The Detroit Lions had to kick off their training camp conditioning drills without two of their most notable weapons. Back on July 29, both Kenny Golladay and T.J. Hockenson were placed on the reserve/COVID-19 list, causing them to quarantine for over a week each before they could enter the team facility in Allen Park.
Since then, both have been activated from the reserve list and both took part in Monday’s first fully-padded practice of the year. After the morning’s practice, both met with the media and shared their experience of testing positive for the virus and living with it.
“A few symptoms,” Golladay said when asked about his COVID-19 experience. “Just like a fever and that’s it. Lasted like two days, nothing major.”
After clearing symptoms, Golladay was activated from the reserve list on August 5, just a week after being placed on the list. Flash forward a couple of two weeks, and the entire ordeal is behind him.
“I’m 100 percent, and I’m just happy to be out there on the field right now, and that’s all that matters,” Golladay said.
For Hockenson, his situation was a bit different. Although he was asymptomatic, he was on the list for an additional three days, until finally taken off reserve-COVID on August 8.
“(It was) pretty lonely,” Hockenson said of his time on reserve-COVID. “There wasn’t a whole lot going on. I, fortunately, didn’t have any symptoms. It was kind of a surprise to test positive for that. Having to spend a week away from the teammates was tough. But it was a week for me to get mentally prepared for camp.”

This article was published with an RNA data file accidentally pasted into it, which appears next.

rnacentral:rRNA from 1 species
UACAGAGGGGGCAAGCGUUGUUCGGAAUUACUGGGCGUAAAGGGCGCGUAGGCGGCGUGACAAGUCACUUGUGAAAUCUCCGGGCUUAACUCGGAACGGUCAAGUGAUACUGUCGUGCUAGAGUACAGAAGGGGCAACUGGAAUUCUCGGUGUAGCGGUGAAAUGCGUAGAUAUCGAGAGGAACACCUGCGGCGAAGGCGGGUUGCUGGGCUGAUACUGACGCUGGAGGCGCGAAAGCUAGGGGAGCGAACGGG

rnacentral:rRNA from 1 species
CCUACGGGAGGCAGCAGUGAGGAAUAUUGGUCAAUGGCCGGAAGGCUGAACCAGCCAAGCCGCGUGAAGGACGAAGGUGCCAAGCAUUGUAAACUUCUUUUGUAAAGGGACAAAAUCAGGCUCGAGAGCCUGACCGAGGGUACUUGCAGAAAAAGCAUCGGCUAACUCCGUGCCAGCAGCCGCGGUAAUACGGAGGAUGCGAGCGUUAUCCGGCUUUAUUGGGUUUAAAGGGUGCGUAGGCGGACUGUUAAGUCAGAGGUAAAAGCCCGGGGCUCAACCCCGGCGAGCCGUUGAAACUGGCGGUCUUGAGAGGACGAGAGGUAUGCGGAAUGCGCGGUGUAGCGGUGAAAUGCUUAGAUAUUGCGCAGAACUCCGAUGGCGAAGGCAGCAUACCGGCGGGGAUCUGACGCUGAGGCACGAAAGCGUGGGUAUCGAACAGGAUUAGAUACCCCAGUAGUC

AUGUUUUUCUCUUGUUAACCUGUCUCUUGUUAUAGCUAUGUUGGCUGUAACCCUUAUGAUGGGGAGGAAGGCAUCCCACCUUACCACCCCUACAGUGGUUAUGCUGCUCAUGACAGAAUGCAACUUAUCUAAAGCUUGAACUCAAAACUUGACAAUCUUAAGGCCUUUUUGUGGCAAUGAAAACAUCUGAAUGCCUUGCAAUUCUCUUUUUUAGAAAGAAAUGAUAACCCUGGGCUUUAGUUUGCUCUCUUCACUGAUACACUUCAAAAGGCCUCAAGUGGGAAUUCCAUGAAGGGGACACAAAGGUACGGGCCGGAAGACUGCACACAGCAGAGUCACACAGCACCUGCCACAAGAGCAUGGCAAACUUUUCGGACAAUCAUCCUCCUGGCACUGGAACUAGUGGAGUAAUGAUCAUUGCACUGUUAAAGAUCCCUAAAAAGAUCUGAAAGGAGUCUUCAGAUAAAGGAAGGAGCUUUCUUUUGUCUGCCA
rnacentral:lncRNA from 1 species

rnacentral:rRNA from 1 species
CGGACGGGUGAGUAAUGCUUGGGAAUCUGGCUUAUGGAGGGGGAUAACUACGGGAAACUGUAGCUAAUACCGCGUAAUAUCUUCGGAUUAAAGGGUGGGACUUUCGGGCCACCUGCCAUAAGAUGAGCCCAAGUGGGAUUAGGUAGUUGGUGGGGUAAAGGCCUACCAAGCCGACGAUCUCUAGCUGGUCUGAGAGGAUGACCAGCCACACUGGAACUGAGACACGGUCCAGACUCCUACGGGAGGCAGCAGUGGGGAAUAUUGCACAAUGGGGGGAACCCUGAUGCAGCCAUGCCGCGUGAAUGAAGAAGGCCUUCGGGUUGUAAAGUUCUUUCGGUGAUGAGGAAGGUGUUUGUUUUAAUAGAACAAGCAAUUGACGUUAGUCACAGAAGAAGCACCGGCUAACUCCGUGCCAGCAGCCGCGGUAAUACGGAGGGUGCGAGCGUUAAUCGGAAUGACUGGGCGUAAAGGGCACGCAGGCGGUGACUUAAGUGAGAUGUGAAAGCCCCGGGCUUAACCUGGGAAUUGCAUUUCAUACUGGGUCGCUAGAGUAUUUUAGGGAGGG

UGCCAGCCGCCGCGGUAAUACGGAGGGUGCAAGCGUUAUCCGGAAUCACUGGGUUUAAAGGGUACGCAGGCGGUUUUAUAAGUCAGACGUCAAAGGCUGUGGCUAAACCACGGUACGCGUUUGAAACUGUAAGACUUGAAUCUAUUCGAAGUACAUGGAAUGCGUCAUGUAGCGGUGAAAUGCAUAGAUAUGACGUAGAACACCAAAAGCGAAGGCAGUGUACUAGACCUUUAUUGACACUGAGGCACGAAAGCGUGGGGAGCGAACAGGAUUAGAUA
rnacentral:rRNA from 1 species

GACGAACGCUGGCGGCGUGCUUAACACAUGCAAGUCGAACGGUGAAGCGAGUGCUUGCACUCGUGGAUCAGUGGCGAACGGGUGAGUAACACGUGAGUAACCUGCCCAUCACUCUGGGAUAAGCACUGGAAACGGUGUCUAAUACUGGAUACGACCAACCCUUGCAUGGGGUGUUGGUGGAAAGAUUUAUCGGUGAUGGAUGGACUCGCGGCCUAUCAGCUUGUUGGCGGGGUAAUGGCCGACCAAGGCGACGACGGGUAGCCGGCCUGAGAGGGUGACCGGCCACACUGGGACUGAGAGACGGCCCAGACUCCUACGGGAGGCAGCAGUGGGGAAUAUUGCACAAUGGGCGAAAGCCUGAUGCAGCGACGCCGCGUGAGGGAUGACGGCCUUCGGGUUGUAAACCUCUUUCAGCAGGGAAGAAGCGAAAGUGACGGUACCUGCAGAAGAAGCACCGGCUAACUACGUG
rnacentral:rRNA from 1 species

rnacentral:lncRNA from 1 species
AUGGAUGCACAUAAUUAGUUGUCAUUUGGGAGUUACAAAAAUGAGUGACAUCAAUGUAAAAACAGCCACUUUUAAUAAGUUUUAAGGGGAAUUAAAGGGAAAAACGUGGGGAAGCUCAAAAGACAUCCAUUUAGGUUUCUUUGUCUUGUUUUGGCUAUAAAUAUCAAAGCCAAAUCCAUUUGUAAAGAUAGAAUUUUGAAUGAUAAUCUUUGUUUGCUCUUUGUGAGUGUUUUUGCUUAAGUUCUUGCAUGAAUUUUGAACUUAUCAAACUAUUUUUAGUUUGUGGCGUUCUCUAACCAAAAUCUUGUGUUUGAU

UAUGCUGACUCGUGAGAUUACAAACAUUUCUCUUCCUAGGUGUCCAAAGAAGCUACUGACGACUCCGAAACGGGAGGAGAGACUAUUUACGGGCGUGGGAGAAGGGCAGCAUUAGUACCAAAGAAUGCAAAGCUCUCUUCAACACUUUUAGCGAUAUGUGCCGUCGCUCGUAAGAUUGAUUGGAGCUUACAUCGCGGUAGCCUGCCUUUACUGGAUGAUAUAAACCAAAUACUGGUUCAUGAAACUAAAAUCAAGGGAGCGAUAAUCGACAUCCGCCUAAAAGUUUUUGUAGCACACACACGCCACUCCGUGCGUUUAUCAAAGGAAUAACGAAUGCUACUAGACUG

Hockenson also took the opportunity to get physically prepared for camp. His father brought over some weights, and the results speak for themselves. The second-year tight end is noticeably more muscular than he was in his rookie season.
The entire experience has been a learning opportunity for Hockenson, because even though he didn’t suffer from any symptoms, he knows others haven’t been as fortunate.
“I think it’s something that a lot of the community, people my age don’t take as seriously as they should,” Hockenson said. “It’s one of those things that you need to do the right thing, and you need to be quarantined if you have it and all those steps that they give us. It was something that I learned, because I didn’t want to give it to anybody: my teammates, my family. You just don’t want to put anybody at risk, because you know how deadly it was no matter if I had symptoms or not.”